This article is only available in the PDF format. Download the PDF to view the article, as well as its associated figures and tables.
Covers of scientific journals serve to identify the publication and protect the contents. In addition, they may entertain or inform. Many covers carry simply the title of the journal, the issue, and the publisher. Some identify the editors, editorial board, or associated organizations or provide highlights or titles of featured articles, reviews, or symposia. A number of old and established publications—including Lancet, New England Journal of Medicine, and Circulation—print part or all of the table of contents on the cover. There is much to be said for this practice. It is a nononsense approach that gets on with the business of the publication: scientific communication. The reader is provided with instant information, and the articles must attract the reader on their own rather than through a leadin provided, for example, by a reprint of the frontispiece of Vesalius' De humani corporis fabrica or other historic prints or art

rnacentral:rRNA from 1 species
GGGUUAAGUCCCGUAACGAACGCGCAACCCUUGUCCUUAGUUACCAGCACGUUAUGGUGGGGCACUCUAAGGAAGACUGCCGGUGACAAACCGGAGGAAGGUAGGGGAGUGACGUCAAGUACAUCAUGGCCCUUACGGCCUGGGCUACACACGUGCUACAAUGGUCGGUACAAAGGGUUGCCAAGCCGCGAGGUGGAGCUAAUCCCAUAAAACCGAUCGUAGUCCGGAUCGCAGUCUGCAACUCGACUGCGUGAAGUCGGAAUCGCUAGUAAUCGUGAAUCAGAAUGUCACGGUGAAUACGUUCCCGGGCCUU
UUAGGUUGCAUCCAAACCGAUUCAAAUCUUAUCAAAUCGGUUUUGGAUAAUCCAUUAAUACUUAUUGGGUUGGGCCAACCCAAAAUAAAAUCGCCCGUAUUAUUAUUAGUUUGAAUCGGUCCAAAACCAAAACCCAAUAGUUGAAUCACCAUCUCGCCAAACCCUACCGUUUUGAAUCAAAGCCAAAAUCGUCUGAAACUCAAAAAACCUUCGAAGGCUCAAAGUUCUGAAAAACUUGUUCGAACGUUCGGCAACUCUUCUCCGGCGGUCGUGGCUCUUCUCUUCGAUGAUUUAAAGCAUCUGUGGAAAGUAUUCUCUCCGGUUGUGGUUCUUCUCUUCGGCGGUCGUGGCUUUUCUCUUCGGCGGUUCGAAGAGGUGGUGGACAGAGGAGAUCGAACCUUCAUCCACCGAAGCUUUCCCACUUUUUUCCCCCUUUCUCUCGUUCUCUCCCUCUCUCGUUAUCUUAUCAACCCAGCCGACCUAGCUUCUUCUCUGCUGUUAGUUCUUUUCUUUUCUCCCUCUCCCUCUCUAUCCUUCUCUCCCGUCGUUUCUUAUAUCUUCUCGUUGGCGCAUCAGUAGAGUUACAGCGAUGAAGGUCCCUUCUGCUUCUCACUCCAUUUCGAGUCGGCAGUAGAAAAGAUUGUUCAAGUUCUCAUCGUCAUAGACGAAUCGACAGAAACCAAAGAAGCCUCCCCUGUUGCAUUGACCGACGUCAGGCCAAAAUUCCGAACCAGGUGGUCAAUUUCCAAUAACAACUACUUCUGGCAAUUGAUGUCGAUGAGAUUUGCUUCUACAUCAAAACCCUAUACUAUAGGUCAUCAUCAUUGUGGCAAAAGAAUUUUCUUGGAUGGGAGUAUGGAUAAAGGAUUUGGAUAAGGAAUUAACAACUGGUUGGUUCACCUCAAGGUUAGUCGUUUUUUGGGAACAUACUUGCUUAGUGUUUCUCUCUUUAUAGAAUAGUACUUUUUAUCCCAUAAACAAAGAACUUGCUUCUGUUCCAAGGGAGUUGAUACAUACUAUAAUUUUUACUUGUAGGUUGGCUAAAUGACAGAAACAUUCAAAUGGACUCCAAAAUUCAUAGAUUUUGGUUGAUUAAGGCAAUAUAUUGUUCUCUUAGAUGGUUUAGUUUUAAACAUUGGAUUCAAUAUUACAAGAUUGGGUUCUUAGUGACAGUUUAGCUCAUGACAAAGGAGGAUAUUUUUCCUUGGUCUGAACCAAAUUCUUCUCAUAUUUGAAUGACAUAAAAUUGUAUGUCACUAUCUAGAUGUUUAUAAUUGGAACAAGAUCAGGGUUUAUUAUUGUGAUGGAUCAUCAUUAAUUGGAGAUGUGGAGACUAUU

BAUE AE. A New Year and a New Look, but the Same Peer-Review Process. Arch Surg. 1983;118(1):17. doi:https://doi.org/10.1001/archsurg.1983.01390010007001
Customize your JAMA Network experience by selecting one or more topics from the list below.
Create a personal account or sign in to: